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Hold On To Your Volatiles – Modeling Evolution And Composition Of Small Icy Bodies

The outer Solar System hosts a vast population of small icy bodies, considered to be primitive remnants from the planet formation epoch. Early thermal and collisional processes affected such planetesimals to varying degrees depending on the time scale and dynamics of early planet growth. Hence, key information about early planet formation processes in proto-planetary disks are recorded in icy-rocky bodies, ranging from comets to dwarf planets. Recent observations have shown that many large trans-Neptunian objects (TNOs) exhibit features of volatile compounds in their surface spectra. These include mainly ices of water and smaller abundances of methane, ethane and ammonia, as well as Pluto’s N2-CO-CH4 tenuous atmosphere. I will present calculations of the early evolution of icy-rocky bodies formed beyond the “snow” line. The volatile composition and interior structure of these objects may change considerably due to internal heating and/or collisional modification prior to settling in their current dynamical niches. This may impose an additional composition gradient to that inherent from the disk’s physico-chemical evolution. I will show several results regarding longevity of stratified structures, potential surface variations and bulk retention of volatile organic compounds.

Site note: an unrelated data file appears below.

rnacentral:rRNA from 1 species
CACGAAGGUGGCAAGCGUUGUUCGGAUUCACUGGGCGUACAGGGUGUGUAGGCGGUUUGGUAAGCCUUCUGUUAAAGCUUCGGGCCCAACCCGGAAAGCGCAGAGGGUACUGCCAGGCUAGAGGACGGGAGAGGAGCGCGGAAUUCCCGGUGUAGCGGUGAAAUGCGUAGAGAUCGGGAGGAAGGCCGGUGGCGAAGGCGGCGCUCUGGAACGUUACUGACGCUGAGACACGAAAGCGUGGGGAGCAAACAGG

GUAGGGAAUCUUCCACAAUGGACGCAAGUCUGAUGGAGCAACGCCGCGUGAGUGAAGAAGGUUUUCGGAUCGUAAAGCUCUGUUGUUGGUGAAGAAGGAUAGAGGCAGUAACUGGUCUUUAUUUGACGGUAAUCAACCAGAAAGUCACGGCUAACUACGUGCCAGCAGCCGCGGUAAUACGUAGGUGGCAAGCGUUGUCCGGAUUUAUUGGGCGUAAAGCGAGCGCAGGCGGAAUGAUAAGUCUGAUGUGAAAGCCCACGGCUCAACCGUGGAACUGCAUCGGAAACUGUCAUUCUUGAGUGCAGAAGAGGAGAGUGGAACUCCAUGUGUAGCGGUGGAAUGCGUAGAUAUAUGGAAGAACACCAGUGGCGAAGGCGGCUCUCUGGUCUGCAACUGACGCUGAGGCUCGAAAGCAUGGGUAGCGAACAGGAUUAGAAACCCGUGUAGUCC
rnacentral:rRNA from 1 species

Cody Hall

Gal Sarid (Harvard)

April 11, 2013
14:00 - 15:00